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County to study cable TV

March 30, 2005|by TARA REILLY

tarar@herald-mail.com

WASHINGTON COUNTY - Three Washington County Commissioners agreed Tuesday to pay a consultant $25,000 to study the future needs of cable in the county, while the two dissenting commissioners thought the assessment would be a waste of money resulting in a county tax on cable bills.

The two commissioners opposed - Vice President William J. Wivell and John C. Munson - said the study would recommend that the county approve a cable franchise agreement and a cable tax to pay for future cable services.

"I'm not interested in doing that," Wivell said.

"There's people out there who don't have any other form of entertainment, and they don't need to be taxed out of it," Munson said.

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Commissioners President Gregory I. Snook and Commissioners Doris J. Nipps and James F. Kercheval voted for the study after such a move was recommended by the Washington County Public Network (WCPN).

The network is made up of the Washington County Free Library, the City of Hagerstown, the Board of Education and county representatives.

CBG Communications of Paoli, Pa., will complete the cable assessment, which will include determining whether the county has a need for public access channels, surveying cable customers about programming interests and rates, as well as conducting surveys among noncable subscribers.

WCPN, which pushed for a county cable franchise agreement last year, has said the agreement would give county government and schools high-speed Internet access, faster electronic communication with other government bodies and revenue to set up the local television channels and other educational services.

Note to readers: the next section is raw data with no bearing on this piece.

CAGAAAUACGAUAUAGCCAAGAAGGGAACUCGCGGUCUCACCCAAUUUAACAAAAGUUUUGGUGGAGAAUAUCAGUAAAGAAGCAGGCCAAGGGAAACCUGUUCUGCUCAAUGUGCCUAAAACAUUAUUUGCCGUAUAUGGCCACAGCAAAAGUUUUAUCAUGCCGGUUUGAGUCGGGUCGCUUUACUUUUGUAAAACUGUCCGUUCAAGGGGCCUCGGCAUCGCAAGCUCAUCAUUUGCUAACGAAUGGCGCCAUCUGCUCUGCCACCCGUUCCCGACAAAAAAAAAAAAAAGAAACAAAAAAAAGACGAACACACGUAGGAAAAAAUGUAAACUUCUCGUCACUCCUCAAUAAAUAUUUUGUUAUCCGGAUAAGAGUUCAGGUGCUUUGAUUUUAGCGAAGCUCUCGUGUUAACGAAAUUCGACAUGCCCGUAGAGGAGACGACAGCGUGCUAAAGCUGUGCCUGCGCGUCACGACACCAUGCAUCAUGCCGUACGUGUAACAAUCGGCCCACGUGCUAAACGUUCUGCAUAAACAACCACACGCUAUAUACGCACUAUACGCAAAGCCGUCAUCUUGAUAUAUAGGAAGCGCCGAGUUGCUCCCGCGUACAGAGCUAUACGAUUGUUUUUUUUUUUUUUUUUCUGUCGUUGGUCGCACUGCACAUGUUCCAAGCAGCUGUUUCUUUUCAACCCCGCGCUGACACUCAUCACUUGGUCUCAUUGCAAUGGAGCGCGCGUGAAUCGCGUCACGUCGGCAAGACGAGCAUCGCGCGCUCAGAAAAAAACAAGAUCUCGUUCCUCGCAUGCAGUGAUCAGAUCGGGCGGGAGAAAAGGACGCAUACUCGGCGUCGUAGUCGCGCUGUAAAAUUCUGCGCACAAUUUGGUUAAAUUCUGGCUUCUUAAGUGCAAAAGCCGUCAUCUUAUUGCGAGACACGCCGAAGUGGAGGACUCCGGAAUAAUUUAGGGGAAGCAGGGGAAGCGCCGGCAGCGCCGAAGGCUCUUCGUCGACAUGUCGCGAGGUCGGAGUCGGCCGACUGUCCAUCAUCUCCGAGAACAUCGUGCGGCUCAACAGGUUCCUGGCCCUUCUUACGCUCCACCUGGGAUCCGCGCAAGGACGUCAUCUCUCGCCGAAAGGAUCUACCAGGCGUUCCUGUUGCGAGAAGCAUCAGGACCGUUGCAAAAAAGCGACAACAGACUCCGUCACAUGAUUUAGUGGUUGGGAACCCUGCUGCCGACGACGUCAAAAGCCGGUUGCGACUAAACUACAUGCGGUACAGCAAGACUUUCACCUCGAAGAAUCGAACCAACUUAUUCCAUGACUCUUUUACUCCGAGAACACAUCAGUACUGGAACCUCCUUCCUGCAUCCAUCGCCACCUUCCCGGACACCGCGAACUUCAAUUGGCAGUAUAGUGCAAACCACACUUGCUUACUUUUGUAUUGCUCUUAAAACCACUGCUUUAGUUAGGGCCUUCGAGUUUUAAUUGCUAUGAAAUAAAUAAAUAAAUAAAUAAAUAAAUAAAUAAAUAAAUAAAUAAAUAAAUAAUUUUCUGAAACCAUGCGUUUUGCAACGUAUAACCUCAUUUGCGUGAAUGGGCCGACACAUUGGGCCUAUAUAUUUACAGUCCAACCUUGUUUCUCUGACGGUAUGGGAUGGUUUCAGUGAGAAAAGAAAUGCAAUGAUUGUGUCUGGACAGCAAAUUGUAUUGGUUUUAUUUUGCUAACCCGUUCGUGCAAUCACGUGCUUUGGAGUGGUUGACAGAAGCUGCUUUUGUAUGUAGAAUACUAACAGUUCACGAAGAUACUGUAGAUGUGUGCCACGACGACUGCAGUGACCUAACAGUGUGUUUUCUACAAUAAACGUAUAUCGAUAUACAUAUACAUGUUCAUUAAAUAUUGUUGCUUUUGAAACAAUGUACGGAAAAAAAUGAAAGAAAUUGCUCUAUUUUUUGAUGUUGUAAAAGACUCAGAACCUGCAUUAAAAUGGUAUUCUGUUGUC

Antietam Cable Television General Manager Gene Hager told the commissioners before the vote that he opposed the study, which he said would recommend government, education and public access channels that provide little benefit to the public.

Such features would force a county cable tax on cable bills, driving up bills by $2 to $5 a month, he said.

"I'm asking you not to tax ... our customers - your constituents," Hager said.

Antietam Cable is owned by Schurz Communications Inc., which also owns The Herald-Mail.

Kercheval, taking issue with Hager's comments, said the cable company for no charge uses the county's rights-of-way to run cable lines, which might not be the best way to do things.

"Is that a responsible way for the county to use its assets?" Kercheval asked.

Munson accused the City of Hagerstown of being the force behind the study and said he thought the city would "get something" out of a county cable franchise agreement. He said he thought the commissioners were being kept in the dark about what that benefit might be.

The "city is going to get something. I don't trust them," Munson said.

When Commissioner Doris J. Nipps objected to Munson's comments and said he was making accusations, Munson responded, "There's something behind it that we're not being told. Dori, you have your beliefs and I have mine."

City Finance Director Al Martin, who was at Tuesday's commissioners meeting for the presentation, said he there on the behalf of WCPN, not the city.

He said WCPN was trying to provide more services to the public.

The city has had a cable franchise agreement with Antietam Cable since 1967, Martin said.

That agreement sets aside three public access channels but only two channels are in use - Channel 6 for city government and Channel 99 for Board of Education programming.

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